As a southern, Christian woman, I grew up with a lot of religious teachings about how to handle disrespect from other people.
Those of us who grew up in Christian homes know all the Bible verses around this topic, so I won’t recite them here. For the non-religious folks, the basic idea that was taught to us was that it was always best to turn the other cheek. After all, that’s what Jesus taught.
I’m not saying I disagree with what the Bible says. In fact, I’m not going to get into what’s Biblical or unBiblical in this blog at all. What I do want to talk about is what an utter travesty it is that, in the name of being “godly,” many of us, especially women, were raised never learning about boundaries, self-respect, and standing up for ourselves.
I can call to mind literally hundreds of sermons I heard about turning the other cheek or giving my tunic when someone takes my cloak. What I can’t remember is a single sermon about my worth as a person — not my worth according to God (because we heard about that a lot) but my worth as a human being who exists with other human beings. I don’t recall hearing about how I deserve to be treated right by the people around me. I don’t remember being told how to stand up for myself or put people in their place who meet me with disrespect, cruelty, or even violence. Turn the other cheek is not an effective strategy for keeping myself mentally, emotionally, and physically safe. In fact, it mostly just puts a big sign on my forehead that I’m an easy target. A doormat.
God didn’t put my precious, eternal spirit into a human form for me to allow people to disrespect and abuse it. He didn’t make me to be a doormat.
And honestly, I don’t care one bit what versus you can quote to tell me otherwise.
I am a mom now. I love my children more than I can possibly bear. I want them to be kind, gentle people. I want them to avoid unnecessary conflict in their lives because conflict hurts the soul. But I will tell you this: it would absolutely crush my heart to see them allow someone to cause them harm.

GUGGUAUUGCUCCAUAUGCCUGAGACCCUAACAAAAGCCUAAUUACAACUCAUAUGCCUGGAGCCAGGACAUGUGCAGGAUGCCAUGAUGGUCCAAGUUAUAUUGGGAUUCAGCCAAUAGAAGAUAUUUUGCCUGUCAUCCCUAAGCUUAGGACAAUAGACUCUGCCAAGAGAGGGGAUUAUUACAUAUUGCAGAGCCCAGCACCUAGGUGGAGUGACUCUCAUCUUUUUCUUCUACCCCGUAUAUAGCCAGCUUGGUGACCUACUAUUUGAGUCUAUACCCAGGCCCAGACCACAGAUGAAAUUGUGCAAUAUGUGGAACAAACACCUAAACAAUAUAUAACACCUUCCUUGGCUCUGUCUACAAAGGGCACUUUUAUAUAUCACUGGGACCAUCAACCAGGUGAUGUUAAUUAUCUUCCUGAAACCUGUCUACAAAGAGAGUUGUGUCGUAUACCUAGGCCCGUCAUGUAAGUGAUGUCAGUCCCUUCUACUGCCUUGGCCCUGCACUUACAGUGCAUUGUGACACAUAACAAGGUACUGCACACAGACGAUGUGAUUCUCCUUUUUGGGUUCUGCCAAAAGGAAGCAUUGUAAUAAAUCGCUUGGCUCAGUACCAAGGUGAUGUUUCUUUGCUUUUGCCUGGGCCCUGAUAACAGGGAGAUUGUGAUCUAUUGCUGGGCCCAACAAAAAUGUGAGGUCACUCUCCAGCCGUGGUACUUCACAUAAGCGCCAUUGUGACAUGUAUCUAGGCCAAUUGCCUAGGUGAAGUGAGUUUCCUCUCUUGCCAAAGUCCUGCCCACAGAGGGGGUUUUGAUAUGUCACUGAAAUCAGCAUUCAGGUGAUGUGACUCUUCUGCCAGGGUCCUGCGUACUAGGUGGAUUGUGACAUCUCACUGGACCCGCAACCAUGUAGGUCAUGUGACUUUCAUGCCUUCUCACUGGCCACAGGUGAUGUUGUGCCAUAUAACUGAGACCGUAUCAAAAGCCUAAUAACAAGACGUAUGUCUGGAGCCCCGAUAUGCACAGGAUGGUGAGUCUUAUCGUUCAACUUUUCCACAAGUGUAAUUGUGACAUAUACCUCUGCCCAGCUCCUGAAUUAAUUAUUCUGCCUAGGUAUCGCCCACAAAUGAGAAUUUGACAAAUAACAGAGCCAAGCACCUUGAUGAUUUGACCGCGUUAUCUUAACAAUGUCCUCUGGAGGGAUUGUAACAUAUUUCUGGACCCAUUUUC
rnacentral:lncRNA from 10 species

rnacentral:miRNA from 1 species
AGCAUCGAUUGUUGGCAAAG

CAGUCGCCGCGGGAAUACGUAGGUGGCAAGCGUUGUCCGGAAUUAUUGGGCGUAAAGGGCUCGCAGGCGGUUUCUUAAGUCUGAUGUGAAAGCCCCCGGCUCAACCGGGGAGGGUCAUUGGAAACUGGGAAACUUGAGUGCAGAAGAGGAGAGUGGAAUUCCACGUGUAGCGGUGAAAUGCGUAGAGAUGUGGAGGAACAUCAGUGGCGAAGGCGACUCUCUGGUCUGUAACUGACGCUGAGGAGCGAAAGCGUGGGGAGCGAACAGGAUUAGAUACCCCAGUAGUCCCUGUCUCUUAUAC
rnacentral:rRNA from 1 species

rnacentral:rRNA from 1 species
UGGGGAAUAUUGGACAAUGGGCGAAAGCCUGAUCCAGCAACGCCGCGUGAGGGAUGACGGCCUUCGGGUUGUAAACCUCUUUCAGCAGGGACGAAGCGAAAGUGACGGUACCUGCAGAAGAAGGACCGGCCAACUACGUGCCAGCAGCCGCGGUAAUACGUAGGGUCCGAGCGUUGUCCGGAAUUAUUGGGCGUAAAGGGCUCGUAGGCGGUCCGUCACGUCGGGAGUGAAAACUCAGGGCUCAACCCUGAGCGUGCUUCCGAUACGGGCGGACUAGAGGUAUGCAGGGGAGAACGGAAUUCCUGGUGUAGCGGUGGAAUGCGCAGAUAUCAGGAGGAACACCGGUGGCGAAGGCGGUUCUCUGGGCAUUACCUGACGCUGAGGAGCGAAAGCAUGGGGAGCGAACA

I will never ask my children to endure unkindness and disrespect. I will never teach them that it is appropriate or acceptable to set aside their self-worth, dignity, and self-respect in the name of “being kind.” And you know what else? I don’t think God wants us to do that, either. If He is a loving father as the Bible teaches, I don’t see how He could.
»I could go into a deep discussion about how Jesus allowed himself to be beaten and crucified without fighting back, and how I don’t believe the God of all creation actually expects us humans to be able to do the same … but that’s a discussion for another day. «
So, if I would never wish for my children to let other people use and abuse them, why would I put that burden on myself?
Why would I hold on to a religious dogma that serves only to turn me into a walking “kick me” sign instead of choosing to stand up for myself? For my worth? For my inalienable right to dignity and respect?
The answer is: I wouldn’t. I won’t. I absolutely fucking will not.
So, I here’s what I do instead:
#1. I always begin with kindness.
When I go into interactions with other people, my default state of mind is one of kindness and respect. I will always lead with the intent to cultivate goodness between myself and others. But …
#2. After that, I match energies.
I invite anyone who interacts with me to pick their player. They can have the version of me who is kind and compassionate, or they can have the version of me who is ready to scrap. Whichever version of me they get is entirely based on how they choose to treat me. If they decide to return my kindness with kindness, with mutual respect and dignity (even if we disagree), we will continue in a loop of goodness and positive regard. But if they decide to return my kindness with cruelty, disrespect, malice or contempt, they will get that right back in return. I have my limits — there is only so far that I am willing to take my unkindness (and that’s what sets me apart from truly bad people), but I will never be afraid to get down in the mud if that’s where they want to take it.
Sweet, kind, beautiful soul, I encourage you to do the same. I am begging you to let go of whatever dogma, indoctrination, or guilt that has led you to believe you are not allowed to stand up for yourself or others. I implore you to remember your endless, incalculable worth. Please understand that you betray yourself when you allow other people to disrespect you.
Lead with kindness. Put goodness into the world. Pour yourself into the people who return your goodness to you. And then, when met with wicked people who pedal in disrespect, you meet them right where they are. Match energies. Clap back. Insist on being treated how you deserve. Teach people how to treat you.
You are worth at least that, dear one.
Amber Wardell is a doctor of psychology and author who speaks on women’s issues related to marriage, motherhood, and mental health. Subscribe to the free newsletter to get exclusive content delivered to your inbox and to never miss an upload.